Living with Possums in Victoria - Questions and Answers
Possums and the lawQ. Are possums protected?
A. All possums are protected in Victoria under the provisions of the Wildlife Act 1975.
Q. How has the law changed?
A. A Governor in Council Order made on 8 July 2003 was published in Government Gazette G28, pages 1766-1767 on 10 July 2003. This Order permits the trapping of Common Brushtail Possums living in buildings for the purpose of releasing them on the same property or taking them to a registered vet for euthanasia. Relocation of possums is prohibited. Common Ringtail Possums remain fully protected and may not be trapped.
The Order also permits the trapping of Common Brushtail Possums living in municipal parks and municipal gardens, as part of a possum management plan that includes non-lethal measures, and only by holders of a Commercial Wildlife (Wildlife Controller) Licence Type 1 endorsed for taking possums.
Q. Can I destroy Common Brushtail Possums myself?
A. No. Only a registered veterinarian can legally euthanase Common Brushtail Possums. All other possums, including the Common Ringtail Possum, remain fully protected in Victoria and must not be euthanased or relocated.
Q. Why are possums protected at all?
A. Possums are native wildlife. All native wildlife is protected under the Wildlife Act 1975. (For the purposes of the Wildlife Act, native wildlife includes birds, mammals, reptiles and amphibians that occur naturally in Australia). This protection follows community expectations that place the responsibility on all of us to look after our native wildlife.
Q. How much do vets charge to euthanase Common Brushtail Possums?
A. Charges will vary from vet to vet. Many vets will charge around $20.00 to $30.00.
Q. Why should I have to pay to have Common Brushtail Possums destroyed?
A. We do not recommend that you have Common Brushtail Possums destroyed. That is your choice. We encourage people to learn to live with possums, since they are part of our urban environment. (see also Living with Possums).
Q. Why can't I keep Common Brushtail Possums as pets if I can have them destroyed?
A. As a general principle, removal of native wildlife from the wild into captivity is prohibited because it is considered unethical to take a wild animal and place it in captivity. In addition, some species are in small numbers and removal of individuals of these species could have an adverse impact on the survival of populations of that species in the wild. However, you can purchase captive-bred possums to keep as pets, however you must first apply for, or already have, a Private Wildlife Licence.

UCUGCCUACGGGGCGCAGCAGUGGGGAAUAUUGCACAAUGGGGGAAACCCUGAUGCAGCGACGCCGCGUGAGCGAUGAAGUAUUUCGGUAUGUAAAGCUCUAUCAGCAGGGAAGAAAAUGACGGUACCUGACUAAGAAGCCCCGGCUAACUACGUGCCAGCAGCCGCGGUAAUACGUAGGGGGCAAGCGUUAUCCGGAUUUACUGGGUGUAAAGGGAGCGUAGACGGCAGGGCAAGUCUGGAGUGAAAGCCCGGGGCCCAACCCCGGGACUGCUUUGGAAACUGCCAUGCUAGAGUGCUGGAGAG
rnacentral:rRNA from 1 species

Trapping possumsQ. Where can I get possum traps?
A. Some local councils loan or hire possum or cat traps. You may also find possum trap hire under Pest Control in the Yellow Pages. Alternatively, contact the DEPI Customer Service Centre on 136 186 or email: email@example.com for a list of licensed possum controllers. If you intend to trap the possum yourself it is important that you read the rules relating to trapping possums.
Q. Where can I get possum nest boxes?
A. Instructions for making your own possum nest box can be obtained from the DEPI Customer Service Centre on 136 186 or email: firstname.lastname@example.org or in the Nest Box Note. Nest boxes can also be obtained from the following organisations and businesses.
Q. How can I contact licensed possum controllers?
A. A list of licensed possum controllers is available from the DEPI Customer Service Centre on 136 186 or email: email@example.com. Alternatively, you may find them listed under Pest Control in the Yellow Pages.
Q. Can I remove possums from my roof when they're breeding?
A. Yes. The mother will either have her young in her pouch or on her back. It will not be left behind. Be aware that there may be more than one adult possum in your roof.
Q. Possums are destroying my garden - can I trap them?
A. The law only allows the trapping of Common Brushtail Possums that are living in buildings. There is advice in the booklet Living with Possums about dealing with problems of possums damaging plants.